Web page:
|Poet, essayist Octavio Paz legacy celebrated
Mexico paid tribute to poet and essayist Octavio Paz, honoring the late Nobel literature prize laureate on the 100th anniversary of his birth.
He was born in Mexico City on March 31, 1914 and he published his first volum of poetry, “Sylvan Moon,’’ when he was just teen. In his youthful years he was a diplomat and was stationed in cities including Paris, France and New Delhi, India.
He was a socialist who condemned socialists, drew the wrath of leftists, and yet also supported free trade with America.
Mexico’s man of letters died at the age of 84 in 1998.
President Enrique Pena Nieto, speaking at a ceremony at the ornate Vasconcelos Library in Mexico City, hailed Paz as “the most clear, complete and brilliant Mexican mind of the 20th century.''
The author of “The Labyrinth of Solitude,'' his 1950 seminal essay on the history, culture and psyche of Mexico and its people, was eulogized in an event on Monday and included other Nobel winners, including France's Jean-Marie Gustave Le Clezio and Nigeria's Wole Soyinka.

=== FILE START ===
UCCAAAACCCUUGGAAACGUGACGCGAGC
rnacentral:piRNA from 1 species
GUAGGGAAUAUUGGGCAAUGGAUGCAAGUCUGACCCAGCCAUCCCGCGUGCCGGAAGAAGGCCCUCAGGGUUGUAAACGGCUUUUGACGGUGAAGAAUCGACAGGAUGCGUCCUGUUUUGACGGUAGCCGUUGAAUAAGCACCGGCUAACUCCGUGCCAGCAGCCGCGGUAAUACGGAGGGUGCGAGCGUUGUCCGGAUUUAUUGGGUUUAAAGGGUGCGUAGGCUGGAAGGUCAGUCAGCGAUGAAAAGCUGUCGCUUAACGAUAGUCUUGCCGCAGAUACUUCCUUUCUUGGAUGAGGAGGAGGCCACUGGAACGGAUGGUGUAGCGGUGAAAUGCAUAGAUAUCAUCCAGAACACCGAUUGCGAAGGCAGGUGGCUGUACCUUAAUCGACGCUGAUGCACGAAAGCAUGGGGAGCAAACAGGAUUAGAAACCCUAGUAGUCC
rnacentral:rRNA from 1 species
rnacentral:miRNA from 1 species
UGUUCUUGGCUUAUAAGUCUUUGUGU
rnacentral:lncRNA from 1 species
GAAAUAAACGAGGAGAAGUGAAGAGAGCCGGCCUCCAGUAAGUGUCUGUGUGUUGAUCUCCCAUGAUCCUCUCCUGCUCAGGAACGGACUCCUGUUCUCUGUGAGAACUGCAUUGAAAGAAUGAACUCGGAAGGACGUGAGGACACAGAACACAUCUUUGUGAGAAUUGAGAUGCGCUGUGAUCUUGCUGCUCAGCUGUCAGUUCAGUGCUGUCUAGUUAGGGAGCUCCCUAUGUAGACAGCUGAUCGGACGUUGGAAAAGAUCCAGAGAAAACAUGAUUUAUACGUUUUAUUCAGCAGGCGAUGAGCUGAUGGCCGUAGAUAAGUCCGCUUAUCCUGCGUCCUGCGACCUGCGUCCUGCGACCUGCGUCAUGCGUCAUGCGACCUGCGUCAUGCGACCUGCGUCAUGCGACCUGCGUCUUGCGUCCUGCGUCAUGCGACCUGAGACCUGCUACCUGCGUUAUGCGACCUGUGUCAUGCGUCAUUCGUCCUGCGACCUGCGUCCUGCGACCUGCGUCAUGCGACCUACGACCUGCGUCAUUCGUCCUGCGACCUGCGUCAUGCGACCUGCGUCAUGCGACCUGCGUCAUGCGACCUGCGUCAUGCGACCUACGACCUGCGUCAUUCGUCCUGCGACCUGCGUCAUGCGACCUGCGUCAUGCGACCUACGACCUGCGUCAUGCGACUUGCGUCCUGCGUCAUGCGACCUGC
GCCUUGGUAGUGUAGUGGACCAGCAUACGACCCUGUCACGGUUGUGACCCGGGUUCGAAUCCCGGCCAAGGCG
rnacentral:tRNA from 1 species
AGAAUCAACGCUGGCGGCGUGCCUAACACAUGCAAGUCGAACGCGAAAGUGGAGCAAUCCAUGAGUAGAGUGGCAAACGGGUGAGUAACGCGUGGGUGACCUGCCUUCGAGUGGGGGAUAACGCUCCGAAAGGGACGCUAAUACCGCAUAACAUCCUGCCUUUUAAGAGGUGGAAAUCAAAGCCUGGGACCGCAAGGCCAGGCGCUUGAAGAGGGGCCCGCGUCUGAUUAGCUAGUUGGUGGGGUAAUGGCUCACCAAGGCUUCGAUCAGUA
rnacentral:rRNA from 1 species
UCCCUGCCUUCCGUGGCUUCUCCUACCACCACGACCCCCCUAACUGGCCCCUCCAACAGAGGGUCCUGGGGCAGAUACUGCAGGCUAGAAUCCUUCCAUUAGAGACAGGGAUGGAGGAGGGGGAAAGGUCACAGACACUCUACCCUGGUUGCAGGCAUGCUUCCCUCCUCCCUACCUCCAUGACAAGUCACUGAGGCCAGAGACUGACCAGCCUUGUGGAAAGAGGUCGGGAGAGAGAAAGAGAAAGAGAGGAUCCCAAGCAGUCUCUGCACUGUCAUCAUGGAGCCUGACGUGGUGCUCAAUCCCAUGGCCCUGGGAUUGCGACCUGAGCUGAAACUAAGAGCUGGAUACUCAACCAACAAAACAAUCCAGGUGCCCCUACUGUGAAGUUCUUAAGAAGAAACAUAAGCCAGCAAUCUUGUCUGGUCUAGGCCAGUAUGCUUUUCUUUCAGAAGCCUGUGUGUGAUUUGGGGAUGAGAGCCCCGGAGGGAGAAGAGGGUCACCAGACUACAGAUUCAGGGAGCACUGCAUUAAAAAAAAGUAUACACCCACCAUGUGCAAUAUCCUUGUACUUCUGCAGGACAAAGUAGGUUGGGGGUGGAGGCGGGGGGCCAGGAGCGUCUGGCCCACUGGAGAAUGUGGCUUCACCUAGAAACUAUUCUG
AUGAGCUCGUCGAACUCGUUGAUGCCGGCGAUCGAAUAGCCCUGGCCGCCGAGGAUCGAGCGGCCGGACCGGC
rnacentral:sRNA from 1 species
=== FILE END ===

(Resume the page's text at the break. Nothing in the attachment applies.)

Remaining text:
The founder of the magazines Plural and Vuelta was a firm defender of democracy, said Pena Nieto, whose Institutional Revolutionary Party was known for its authoritarian ways while in power for most of the 20th century.
Paz defied the PRI when he resigned as ambassador to India following the military's massacre of student protesters in Mexico City in 1968. Officials say dozens were killed, while activists claimed hundreds of deaths.
Born in Mexico City on March 31, 1914, Paz died in the capital in 1998. Exhibits and forums have taken place in his honor in the past week, along with the publication of new editions of his works.—AFP/The Standard